When choosing solar lights, many individuals may ask themselves: Should I select 50W, 100W, or other watts?
Don't worry; let's first examine how solar lights operate. Utilizing solar panels to transform light energy into electrical energy, batteries are used to store the electrical energy before being used to power LED lights. The theory may appear straightforward, but solar lights really contain a variety of technological components, including photovoltaic panels, controllers, batteries, LEDs, etc. Choosing a nice solar light is not an easy task.
Since solar lights also use batteries for electricity, they should fall under the same category as standard electric cars, cell phones, laptops, and flashlights. But why don't electrical devices like torches and cell phones prominently display their wattage? The team at Tesla won't reveal the electric car's wattage, just as those who would just not during the Apple mobile phone conference. Only the battery capacity of the phone, how long it will last when playing games or watching movies, how long it will last when on standby, etc., will be disclosed. Tesla will just inform you that your electric vehicle has a 400-kilometer range, for example.
In view of this, why do solar lights estimate their output in watts? It is a question of habit after all. We use watts as a unit to assess the brightness and cost of light, and these lights are linked to 110V or 220V grid electricity, starting with the original incandescent lamps and progressing via energy-saving bulbs to later LED lamps. The same-looking items, however, abruptly altered how energy is supplied. Many individuals first found it challenging to accept using different units to measure the original items, which confused people's perceptions generally. The solar lighting business currently lacks a clear standard, making each producer essentially autonomous and using their own standard procedure.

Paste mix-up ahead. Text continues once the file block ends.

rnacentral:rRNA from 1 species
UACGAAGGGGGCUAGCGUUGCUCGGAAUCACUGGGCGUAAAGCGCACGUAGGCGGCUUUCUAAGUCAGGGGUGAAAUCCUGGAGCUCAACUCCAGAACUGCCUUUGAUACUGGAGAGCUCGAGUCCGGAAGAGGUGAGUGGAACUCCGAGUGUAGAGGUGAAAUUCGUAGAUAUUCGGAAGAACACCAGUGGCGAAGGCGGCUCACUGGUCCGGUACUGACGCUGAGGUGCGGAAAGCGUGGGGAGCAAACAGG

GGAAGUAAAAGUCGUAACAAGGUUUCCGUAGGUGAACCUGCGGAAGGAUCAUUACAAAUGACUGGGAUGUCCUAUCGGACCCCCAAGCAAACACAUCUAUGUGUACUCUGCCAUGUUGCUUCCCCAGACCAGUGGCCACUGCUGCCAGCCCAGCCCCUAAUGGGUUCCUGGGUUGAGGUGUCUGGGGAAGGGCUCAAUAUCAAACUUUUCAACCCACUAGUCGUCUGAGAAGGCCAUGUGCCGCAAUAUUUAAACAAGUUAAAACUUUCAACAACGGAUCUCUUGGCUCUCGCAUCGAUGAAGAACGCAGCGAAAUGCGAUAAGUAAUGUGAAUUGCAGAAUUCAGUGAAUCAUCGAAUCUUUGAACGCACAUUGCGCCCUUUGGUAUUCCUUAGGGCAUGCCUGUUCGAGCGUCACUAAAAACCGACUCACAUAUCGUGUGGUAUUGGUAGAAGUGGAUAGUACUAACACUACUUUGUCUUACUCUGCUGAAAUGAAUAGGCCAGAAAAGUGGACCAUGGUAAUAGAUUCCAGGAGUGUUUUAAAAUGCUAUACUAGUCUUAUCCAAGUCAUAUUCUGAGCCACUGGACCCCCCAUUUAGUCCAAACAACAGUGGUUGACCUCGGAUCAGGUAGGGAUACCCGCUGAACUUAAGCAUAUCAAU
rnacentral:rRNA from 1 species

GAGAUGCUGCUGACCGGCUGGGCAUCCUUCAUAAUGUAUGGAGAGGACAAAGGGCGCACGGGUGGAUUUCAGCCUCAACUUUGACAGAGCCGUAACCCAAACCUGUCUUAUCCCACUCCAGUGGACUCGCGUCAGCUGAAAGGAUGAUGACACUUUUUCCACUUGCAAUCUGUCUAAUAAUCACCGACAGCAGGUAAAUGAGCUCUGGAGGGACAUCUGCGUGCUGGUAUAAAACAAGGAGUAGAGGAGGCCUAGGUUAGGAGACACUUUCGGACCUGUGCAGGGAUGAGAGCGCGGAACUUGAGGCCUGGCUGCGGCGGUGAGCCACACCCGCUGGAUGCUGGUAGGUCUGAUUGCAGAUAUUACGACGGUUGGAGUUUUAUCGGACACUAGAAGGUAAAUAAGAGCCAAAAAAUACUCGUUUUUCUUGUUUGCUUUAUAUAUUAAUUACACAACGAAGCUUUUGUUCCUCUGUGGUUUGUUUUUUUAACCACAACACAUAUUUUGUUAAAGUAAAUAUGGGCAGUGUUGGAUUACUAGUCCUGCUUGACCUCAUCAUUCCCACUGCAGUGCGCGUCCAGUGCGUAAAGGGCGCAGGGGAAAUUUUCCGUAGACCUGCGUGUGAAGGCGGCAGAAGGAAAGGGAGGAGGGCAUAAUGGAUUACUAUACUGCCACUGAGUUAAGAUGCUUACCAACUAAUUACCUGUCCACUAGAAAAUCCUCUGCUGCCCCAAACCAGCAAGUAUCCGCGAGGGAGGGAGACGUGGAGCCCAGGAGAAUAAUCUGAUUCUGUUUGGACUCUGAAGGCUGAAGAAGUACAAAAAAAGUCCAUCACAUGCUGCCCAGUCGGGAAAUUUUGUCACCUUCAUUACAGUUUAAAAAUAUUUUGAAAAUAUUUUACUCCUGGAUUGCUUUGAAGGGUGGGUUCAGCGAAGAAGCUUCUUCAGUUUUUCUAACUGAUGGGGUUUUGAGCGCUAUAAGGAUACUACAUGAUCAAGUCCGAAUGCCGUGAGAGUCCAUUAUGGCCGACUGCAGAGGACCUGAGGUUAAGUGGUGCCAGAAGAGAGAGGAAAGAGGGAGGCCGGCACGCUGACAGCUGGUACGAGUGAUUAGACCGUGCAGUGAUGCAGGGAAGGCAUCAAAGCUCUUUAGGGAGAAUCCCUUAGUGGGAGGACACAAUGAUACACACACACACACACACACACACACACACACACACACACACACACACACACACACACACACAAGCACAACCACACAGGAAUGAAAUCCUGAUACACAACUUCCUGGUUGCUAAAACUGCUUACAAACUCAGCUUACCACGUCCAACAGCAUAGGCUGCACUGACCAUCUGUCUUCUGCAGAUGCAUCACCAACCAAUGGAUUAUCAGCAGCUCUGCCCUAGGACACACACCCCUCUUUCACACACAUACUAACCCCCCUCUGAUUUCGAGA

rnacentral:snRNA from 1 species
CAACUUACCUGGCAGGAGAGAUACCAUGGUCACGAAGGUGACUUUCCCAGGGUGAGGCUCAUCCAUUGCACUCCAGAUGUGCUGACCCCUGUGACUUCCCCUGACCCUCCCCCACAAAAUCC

Currently, marking the led beads' power is standard practice in the industry. For instance, a solar light with 60 0.5W output LEDs is referred to as having a 30W power output. However, even though this solar light can discharge with the full power of 30W, the actual situation is that the battery used by most of common solar lights is a 18650 lithium battery, and its voltage is approximately 3.7V, this means that this solar light is not as powerful as those 30W Incandescent lamps. A 3.7V battery can hardly support a 30W lamp. Moreover, because there is no device that can measure the battery discharge power, this parameter can only be calculated, which might be wrong in the real situation.
As a result, it is impossible to choose a suitable solar light simply based on the power rate. The specifications of the solar light and its accessories must be carefully taken into account. The list of data indicators that are provided below can be utilized as a guide.
1. The solar panel's output, controls how soon the solar light may be fully charged. Generally speaking, the price of a solar panel increases with its power;
2, battery capacity, which decides how long the solar light can operate and increases in price with battery size;
3, The brand and number of the LED lights affect the brightness of the solar light;
4, The system controller, determines how long the solar light will last.
I truly hope that everyone may find a solar light that fits them.